We’re going to wrap up our interviews of Romance Writers of America® Golden Heart® Contemporary Single Title 2013 finalists with Leslie Lynch, author of Hijacked. This is the premier contest (worldwide) for unpublished manuscripts in the romance genre.
Tell us about your manuscript, Hijacked, that just finalled in RWA’s Golden Heart contest!
Pilot Lannis Parker’s carefully constructed, sterile life is upended when her small plane is hijacked before dawn on a wintry Louisville morning. Her captor does more than force her to fly him to the Appalachian wilderness, though. He resurrects memories she’s tried to bury, memories of a brutal attack she’d survived four years earlier, an attack she didn’t report and tries to pretend didn’t happen. During a week in the wilderness, she learns her hijacker is fair and honorable, compassionate and insightful—strange attributes for a criminal. And when he discovers her secret, he vows to be the friend she desperately needs but refuses to accept.
Undercover DEA agent Ben Martin is determined to offer restitution for the harm he caused his unwilling pilot in his last-ditch bid for survival, for the wounds he inadvertently ripped open. In spite of her prickly defenses, or maybe because of them, she captures his heart, even as he witnesses her misguided efforts to cope with the aftermath of a rape years ago. He must walk a tightrope of trusting Lannis to navigate her own path to healing while holding her accountable for her occasional less-than-stellar choices that run uncomfortably counter to his life’s work.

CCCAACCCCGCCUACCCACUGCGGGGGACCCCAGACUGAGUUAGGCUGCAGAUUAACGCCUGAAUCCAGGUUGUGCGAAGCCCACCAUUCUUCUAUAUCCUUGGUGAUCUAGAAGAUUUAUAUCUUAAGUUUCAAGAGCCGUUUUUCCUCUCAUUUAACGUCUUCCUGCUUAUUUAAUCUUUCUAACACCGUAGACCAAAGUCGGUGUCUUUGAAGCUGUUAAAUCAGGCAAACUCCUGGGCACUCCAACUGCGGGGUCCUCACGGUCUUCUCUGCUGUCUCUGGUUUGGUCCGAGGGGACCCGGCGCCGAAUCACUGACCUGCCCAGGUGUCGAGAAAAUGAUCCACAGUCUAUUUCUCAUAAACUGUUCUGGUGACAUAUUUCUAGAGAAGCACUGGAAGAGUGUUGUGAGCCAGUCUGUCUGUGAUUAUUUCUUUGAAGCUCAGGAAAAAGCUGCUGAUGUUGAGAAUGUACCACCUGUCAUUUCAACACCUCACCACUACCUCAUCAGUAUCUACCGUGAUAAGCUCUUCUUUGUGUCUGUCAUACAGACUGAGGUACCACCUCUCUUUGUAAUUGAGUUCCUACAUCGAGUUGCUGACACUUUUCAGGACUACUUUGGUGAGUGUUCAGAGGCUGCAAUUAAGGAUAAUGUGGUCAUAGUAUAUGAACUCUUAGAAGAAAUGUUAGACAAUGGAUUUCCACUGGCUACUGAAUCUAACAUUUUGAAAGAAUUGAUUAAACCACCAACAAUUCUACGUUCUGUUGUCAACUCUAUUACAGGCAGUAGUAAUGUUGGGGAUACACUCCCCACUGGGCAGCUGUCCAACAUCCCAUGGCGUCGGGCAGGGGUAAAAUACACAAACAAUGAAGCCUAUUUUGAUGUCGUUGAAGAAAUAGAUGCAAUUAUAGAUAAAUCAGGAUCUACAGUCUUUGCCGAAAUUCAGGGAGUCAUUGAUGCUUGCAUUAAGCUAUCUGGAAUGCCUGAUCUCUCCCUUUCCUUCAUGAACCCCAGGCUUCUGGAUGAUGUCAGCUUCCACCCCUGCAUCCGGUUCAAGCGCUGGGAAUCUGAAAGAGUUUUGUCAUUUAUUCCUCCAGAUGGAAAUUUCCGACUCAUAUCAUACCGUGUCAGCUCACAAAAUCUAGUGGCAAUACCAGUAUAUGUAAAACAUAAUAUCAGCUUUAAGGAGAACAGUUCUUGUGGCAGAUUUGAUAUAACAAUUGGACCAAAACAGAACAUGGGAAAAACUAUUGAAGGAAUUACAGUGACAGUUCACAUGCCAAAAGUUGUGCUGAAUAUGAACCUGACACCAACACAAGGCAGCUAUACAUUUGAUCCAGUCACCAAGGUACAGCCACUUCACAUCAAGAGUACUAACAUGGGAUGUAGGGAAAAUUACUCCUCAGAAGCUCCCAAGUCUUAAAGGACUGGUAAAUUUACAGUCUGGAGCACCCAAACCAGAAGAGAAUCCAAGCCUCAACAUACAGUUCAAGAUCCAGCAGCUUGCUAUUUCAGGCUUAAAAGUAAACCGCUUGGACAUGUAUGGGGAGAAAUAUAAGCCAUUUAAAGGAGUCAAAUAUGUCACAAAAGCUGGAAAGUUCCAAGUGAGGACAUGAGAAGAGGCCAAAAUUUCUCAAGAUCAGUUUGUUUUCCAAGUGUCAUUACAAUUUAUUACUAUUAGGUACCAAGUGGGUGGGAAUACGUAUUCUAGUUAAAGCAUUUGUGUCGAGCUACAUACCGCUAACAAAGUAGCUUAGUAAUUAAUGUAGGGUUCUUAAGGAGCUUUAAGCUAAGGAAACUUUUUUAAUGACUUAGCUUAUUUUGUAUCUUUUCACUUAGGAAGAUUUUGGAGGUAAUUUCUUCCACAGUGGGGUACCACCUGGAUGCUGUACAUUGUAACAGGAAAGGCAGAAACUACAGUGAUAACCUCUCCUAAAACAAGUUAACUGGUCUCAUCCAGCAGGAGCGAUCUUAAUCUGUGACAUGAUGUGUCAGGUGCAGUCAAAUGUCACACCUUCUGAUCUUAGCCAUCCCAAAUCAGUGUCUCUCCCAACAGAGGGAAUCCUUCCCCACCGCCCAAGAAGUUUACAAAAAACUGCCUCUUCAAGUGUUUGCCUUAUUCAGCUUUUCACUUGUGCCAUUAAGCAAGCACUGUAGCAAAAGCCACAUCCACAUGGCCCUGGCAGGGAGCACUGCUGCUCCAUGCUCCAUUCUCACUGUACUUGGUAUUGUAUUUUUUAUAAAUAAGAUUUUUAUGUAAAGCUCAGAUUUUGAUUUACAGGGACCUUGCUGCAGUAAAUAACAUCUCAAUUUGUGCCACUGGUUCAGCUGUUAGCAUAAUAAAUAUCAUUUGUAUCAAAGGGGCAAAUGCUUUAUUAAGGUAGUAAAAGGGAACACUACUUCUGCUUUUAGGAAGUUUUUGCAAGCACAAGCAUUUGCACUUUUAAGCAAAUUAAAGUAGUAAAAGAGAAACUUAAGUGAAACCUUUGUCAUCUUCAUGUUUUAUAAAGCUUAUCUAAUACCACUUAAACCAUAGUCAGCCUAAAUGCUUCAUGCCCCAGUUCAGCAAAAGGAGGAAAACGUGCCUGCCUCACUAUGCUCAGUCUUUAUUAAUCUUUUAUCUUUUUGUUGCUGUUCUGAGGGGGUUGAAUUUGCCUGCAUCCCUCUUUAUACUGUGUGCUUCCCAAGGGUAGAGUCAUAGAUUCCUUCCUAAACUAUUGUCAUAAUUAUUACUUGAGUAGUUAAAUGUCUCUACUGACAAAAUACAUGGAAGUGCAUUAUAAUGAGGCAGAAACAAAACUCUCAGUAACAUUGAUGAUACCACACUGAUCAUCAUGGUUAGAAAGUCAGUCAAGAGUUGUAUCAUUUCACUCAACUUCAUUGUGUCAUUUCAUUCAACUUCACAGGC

Will she come to terms with her past? And will he be part of her future?
Tell us how you feel about the Golden Heart experience!
Still smiling, three months after the phone call! Excited, and a little nervous as Atlanta will be a very different experience than past conferences for me. Surreal is a good word, too. I stepped out of my comfort zone and dove into the blogosphere with the Ruby Slippered Sisterhood and the Firebirds – which turned out to be loads of fun! I’m glad I did. I’m also glad it occurred to me to interview my fellow Contemporary Single Title finalists. This has been a blast, and I’m so glad everyone was willing to try our grand experiment! I think we’ll be a very close group once we get to the award ceremony, and I know we are all rooting for each others’ successes.
Where do you get the ideas for your stories? And/or for this story, in particular?
I am a pilot. One of my favorite jobs was flying traffic reporters over Louisville, Kentucky. Arriving at the airport at zero-dark-thirty and prepping the plane before anyone else was on the field spawned the seed of the story. This was back before cell-phones, and there was plenty of opportunity for miscommunication. Like all writers, my imagination got going one morning (what if…?), and the story took off. Beyond that, my life experiences and the newspaper are great fodder. Truth really is stranger than fiction.
What has your writing journey been like?